Wednesday, February 11, 2015

Georgia raises rate 50 bps, sees rise to 5.0% end-2015

    Georgia's central bank raised its benchmark refinancing rate by 50 basis points to 4.50 percent, as recently predicted by its governor, and said it expects to raise it further to 5.0 percent by the end of 2015 barring economic or financial shocks.
     The National Bank of Georgia (NBG) embarked on a tightening cycle in February 2014 but then paused due to risks to domestic and external demand from the Russian-Ukrainian conflict. Georgia borders the Black Sea to the west, Russia to the north, and Turkey and Azerbaijan to the south.
     But the central bank said it was now appropriate to neutralize growing inflation expectations and withdraw its accommodative policy stance, which remains below the neutral rate.
    The NBG said inflation is expected to remain below its 5.0 percent target in the first half of this year and then reach it by the end of the year, though it added that its forecast was heavily dependent on external factors and both upside and downside risks.
    Georgia's headline inflation rate eased to 1.4 percent in January from 2.0 percent in December due to the decline in fuel prices while the central bank said core inflation rose to 3.2 percent.
    On Jan. 30 Governor Georgy Kadagidze said the central bank would start to gradually tighten its monetary policy as the depreciation of the lari currency had "reached a dangerous point which can lead to increased inflation expectations and rising prices," and this would "inflict significant damage on those citizens who have loans in U.S. dollars income in lari."
    The lari started to depreciate slowly in May 2013 but then fell sharply in November that year. It then stabilized against the U.S. dollar for the following 12 months before falling sharply. Today it was trading at 2.03 to the dollar, down 7.4 percent since the start of the year.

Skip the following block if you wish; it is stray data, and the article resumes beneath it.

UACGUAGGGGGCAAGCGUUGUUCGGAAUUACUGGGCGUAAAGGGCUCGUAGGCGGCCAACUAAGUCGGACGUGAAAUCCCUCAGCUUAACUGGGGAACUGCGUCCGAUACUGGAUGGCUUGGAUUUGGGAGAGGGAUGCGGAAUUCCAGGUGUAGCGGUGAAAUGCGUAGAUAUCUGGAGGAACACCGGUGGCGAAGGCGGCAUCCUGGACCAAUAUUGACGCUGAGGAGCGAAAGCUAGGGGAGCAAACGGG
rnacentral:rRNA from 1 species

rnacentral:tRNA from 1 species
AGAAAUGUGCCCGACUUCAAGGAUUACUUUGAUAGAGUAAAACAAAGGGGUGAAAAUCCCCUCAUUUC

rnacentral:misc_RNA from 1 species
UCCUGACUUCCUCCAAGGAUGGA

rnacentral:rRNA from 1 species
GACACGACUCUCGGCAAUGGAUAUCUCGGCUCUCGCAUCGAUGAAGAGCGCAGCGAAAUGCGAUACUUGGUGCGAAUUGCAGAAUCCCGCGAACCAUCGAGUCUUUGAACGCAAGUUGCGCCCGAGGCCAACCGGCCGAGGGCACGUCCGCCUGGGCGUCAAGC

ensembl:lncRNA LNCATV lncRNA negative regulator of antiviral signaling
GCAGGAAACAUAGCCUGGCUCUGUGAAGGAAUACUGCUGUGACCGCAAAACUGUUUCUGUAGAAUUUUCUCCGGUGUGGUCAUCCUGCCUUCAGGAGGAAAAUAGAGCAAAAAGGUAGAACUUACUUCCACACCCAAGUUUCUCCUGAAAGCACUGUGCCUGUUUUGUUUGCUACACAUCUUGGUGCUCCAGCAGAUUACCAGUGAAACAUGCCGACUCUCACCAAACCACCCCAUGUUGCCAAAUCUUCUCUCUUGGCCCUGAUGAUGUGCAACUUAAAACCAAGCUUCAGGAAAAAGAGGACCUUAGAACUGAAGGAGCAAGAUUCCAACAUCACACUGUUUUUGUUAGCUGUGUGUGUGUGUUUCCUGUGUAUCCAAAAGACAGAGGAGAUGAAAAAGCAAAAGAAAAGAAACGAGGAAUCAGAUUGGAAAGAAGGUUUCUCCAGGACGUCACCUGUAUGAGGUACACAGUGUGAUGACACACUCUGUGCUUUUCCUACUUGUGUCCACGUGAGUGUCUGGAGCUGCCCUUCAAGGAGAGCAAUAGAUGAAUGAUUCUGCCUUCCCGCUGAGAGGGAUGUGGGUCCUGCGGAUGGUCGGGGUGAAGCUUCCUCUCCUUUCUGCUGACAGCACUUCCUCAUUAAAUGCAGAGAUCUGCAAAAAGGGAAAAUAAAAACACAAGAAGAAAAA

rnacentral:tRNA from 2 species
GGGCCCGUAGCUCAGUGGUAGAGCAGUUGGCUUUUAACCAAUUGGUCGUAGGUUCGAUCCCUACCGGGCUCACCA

Reuters reported last month that the central bank's reserves fell to $2.699 billion by Jan. 1 from $2.823 billion at the start of 2014, mainly due to currency market interventions last year.

    The National Bank of Georgia issued the following statement: (translation by Google)

On 11 February 2015 the National Bank's Monetary Policy Committee decided to increase the refinancing rate by 50 basis points. Monetary policy rate of 4.5 percent.

Monetary policy decisions are based on macroeconomic forecasts, which increased the influence of the external shock of the forecast inflation risks. The Committee considers it appropriate to neutralize the growth of inflation expectations for a gradual withdrawal from the accommodative monetary policy. However, despite the strengthening of policy, the policy rate remains below the neutral point. Current forecasts, if no other shocks affecting the economy were key refinancing rate, at the end of 2015 will be within 5%.

At present, according to the forecast, inflation targets will be maintained below 5% in the first half of 2015 and it will reach the end of the year. Annual inflation was 1.4 percent in January. January inflation largely reflects a decline in prices of fuel, while core inflation rose to 3.2%. Predictions is heavily dependent on exogenous factors and changes in risks contained in both directions.

External imbalances in the economy of exchange rate changes is a natural reaction, which contributes to the mitigation of negative effects on the economy. The nominal effective exchange rate has depreciated annually, but Lari has depreciated against the US dollar. Because we have a high level of dollarization in Georgia against the US dollar depreciation against the dollar-denominated loans growth and inflation expectations inflation additional risks related to services provided by the increased costs as a result. Given the current trends, the central bank's Monetary Policy Committee decided to reduce the risks of inflationary monetary policy tightening.

The National Bank will continue to monitor developments in the economy and financial markets and will use all means available to him to ensure price stability. Further changes in the dynamics of monetary policy will depend on the dynamics of inflation, economic activity growth trends, global and regional economic environment.

The next meeting of the Monetary Policy Committee will be held on 25 March 2015."


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